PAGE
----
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March 3, 2021

Fiercely fought Senate election: Upsets not ruled out

National

March 3, 2021

ISLAMABAD: Given the hectic lobbying by the competing parliamentary parties and the purported political wheeling and dealing, upsets are not being ruled out in Wednesday’s Senate elections.

The smallest change could tip the scales in favour of the side that makes gains over and above what it deserves according to its numerical strength in the electoral college.

Frenzied developments are taking place among certain sections of the electoral college. Some ruling coalition voters have openly made their opposition to the government public, indicating there could be some unexpected results. Apart from these announcements, clandestine contacts to sway voters away from their parties are also underway.

However, all eyes are set on the solitary general seat from the federal capital where the National Assembly members will vote. The fielding of former Prime Minister Yousuf Raza Gilani by the Pakistan Democratic Movement (PDM) as its joint candidate against the Pakistan Tehreek-e-Insaf (PTI) nominee Finance Minister Dr Hafeez Shaikh has made the clash all the more important and attracted immense attention. As per the official tally, the PTI and its allies have around 20 more votes than those of the opposition.

Any upsets will disturb the post-election numerical scenario in the Senate. Calculations show that even if the ruling alliance and PDM bag their actual seats, the opposition parties would still have an edge of two votes over the government side. These votes could play a decisive role in the election of the Senate chairman by secret vote. However, the PDM’s advantage of a vote or two over its rival could easily be nullified by the government simply because it is in power. But if the gap widens, it might become difficult for the government to bridge it. Both sides are naturally eying the top Senate slot, a position that will play a key role in many respects in running the Upper House of parliament.

The possibility of unforeseen results could also be expected in some cases as the ballots cast would not be identifiable and their secrecy would be strictly maintained as in the past, according to the latest announcement of the Election Commission of Pakistan (ECP). The ECP has cited the time constraint as the reason not to take measures for the identification of the ballots in certain situations. The decision goes against the government’s keen desire to have the Senate elections through an open vote. Realising the importance of the Islamabad seat, Prime Minister Imran Khan held rare back-to-back meetings with members of the National Assembly belonging to the ruling alliance for three consecutive days in a bid to seek their votes en bloc. Such sessions with the PM had not been witnessed earlier even for the passage of the annual federal budgets.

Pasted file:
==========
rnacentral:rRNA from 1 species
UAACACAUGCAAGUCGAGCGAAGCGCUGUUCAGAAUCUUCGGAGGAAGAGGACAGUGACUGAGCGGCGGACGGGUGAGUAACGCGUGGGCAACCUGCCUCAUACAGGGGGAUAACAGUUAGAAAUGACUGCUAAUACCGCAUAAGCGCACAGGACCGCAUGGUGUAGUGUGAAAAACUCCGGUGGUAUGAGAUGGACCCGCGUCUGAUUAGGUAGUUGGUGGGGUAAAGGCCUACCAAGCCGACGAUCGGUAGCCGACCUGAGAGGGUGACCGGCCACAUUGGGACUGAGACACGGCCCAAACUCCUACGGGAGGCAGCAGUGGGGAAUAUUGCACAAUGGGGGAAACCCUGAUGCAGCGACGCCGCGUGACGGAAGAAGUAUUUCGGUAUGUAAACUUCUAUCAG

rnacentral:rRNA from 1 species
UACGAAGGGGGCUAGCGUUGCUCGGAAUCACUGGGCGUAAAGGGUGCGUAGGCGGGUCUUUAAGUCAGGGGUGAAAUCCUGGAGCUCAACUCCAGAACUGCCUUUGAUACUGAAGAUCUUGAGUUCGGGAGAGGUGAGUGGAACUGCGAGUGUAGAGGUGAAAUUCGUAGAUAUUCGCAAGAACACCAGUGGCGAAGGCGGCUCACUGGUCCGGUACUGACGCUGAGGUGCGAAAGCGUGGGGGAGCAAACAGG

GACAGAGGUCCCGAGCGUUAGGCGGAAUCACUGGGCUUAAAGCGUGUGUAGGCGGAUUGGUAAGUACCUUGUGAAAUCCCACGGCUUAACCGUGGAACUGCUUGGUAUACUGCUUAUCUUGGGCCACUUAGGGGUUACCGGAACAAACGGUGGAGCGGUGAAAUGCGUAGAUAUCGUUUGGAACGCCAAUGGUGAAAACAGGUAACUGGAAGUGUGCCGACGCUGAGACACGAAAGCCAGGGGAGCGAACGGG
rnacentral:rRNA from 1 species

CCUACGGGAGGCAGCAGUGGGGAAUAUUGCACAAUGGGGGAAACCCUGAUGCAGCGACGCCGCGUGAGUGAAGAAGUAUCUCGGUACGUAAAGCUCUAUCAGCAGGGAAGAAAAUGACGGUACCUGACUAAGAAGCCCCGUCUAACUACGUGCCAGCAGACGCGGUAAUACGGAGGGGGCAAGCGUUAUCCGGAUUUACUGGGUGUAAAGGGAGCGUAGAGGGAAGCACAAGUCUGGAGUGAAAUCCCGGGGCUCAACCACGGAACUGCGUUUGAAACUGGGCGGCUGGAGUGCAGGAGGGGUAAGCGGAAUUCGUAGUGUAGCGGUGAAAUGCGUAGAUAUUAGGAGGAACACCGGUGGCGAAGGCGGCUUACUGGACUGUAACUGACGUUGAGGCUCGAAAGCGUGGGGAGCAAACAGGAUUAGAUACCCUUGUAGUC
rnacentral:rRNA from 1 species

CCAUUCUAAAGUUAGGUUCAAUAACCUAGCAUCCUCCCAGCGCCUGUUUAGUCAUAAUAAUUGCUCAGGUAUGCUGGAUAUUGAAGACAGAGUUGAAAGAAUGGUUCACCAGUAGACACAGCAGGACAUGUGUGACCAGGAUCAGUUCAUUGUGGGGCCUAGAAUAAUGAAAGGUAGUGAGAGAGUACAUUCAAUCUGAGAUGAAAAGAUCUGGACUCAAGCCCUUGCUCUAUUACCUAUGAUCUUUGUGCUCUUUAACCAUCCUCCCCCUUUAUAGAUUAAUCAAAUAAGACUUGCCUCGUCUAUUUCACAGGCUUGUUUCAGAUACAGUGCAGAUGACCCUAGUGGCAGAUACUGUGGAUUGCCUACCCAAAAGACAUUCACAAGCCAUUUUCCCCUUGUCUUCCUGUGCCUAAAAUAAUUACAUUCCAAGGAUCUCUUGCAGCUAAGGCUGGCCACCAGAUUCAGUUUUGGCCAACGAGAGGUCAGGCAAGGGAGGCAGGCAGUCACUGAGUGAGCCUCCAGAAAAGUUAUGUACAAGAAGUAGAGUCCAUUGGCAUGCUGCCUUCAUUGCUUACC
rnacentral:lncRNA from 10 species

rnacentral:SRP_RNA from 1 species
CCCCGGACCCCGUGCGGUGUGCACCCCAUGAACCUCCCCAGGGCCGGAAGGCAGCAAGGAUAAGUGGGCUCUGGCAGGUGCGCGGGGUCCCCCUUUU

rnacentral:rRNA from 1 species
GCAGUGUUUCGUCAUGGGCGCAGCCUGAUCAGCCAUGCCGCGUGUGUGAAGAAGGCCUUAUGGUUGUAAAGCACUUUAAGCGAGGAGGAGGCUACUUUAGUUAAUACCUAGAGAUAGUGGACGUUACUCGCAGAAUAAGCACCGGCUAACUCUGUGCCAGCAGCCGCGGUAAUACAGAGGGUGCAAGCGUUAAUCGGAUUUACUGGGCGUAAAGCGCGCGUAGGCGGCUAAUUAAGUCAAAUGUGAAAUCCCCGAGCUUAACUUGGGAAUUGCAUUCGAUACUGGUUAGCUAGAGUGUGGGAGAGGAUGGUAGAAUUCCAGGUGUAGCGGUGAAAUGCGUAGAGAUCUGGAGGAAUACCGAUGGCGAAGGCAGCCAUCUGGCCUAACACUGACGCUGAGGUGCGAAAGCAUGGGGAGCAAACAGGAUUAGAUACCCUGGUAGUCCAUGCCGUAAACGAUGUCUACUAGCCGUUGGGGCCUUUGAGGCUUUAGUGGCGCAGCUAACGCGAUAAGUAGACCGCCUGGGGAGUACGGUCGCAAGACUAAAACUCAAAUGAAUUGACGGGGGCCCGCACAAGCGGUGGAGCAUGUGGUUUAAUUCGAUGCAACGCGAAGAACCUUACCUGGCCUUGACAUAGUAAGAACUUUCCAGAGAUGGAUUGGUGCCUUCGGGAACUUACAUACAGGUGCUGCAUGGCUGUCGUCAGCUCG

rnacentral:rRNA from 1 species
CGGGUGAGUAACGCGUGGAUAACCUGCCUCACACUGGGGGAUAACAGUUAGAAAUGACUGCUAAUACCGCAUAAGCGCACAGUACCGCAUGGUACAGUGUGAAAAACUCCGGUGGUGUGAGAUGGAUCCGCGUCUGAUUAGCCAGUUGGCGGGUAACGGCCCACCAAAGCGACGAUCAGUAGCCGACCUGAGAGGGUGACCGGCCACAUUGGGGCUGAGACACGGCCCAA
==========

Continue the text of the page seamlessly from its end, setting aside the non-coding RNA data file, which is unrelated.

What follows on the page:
Meanwhile, despite his poor health, former president Asif Ali Zardari --who is portrayed by his own party as a wheeler-dealer par excellence-- has flown into Islamabad to take charge of the canvassing. He is camped in the capital and will deploy his personal skills to campaign for Gilani. It was his decision to put up the ex-premier, a move the PDM constituent parties agreed to reluctantly. He has now taken the challenge upon his shoulders to ensure Gilani’s victory.

The government had made several efforts to introduce the open ballot in the Senate elections at all costs. It had tried to push a constitutional amendment in parliament but the move was thwarted by the opposition parties. It had attempted to get an amendment in the Elections Act 2017 approved by the legislature but in vain. It promulgated a conditional presidential ordinance but it could not secceed due to a judicial decision. The government had avoided tabling it in the Senate where the opposition parties were poised to shoot it down through a disapproving resolution. Finally, the government approached the Supreme Court by filing a presidential reference seeking its opinion on the open ballot pleading that the Constitution did not specify a secret ballot for the Senate polls. However, the court stated that the Upper House elections were held under the Constitution, meaning through a secret ballot, but said the ECP is required to take all available measures including utilising technologies to fulfil the solemn constitutional duty to ensure that the polls are conducted honestly, justly, fairly and in accordance with law and that corrupt practices are guarded against.

Another noteworthy point in the context of the Senate elections is that the constitutional defection clause does not apply to voters not favouring their party’s candidate. Article 63A lists the acts that amount to defection. The first is when a member of a parliamentary party resigns from its membership. The second act of defection is committed when a lawmaker joins another party. The third category includes voting or refraining from voting contrary to any direction of their parliamentary party in relation to the election of the prime minister or the chief minister, a vote of confidence or a vote of no-trust against them, a money bill or a constitutional amendment bill.

Polling was originally to be held for a total of 48 Senate seats. However, after the unopposed election of all the 11 senators from Punjab, voting will now be for 37 seats – 11 from Sindh,12 each from Balochistan and Khyber Pakhtunkhwa (KP) and two from Islamabad.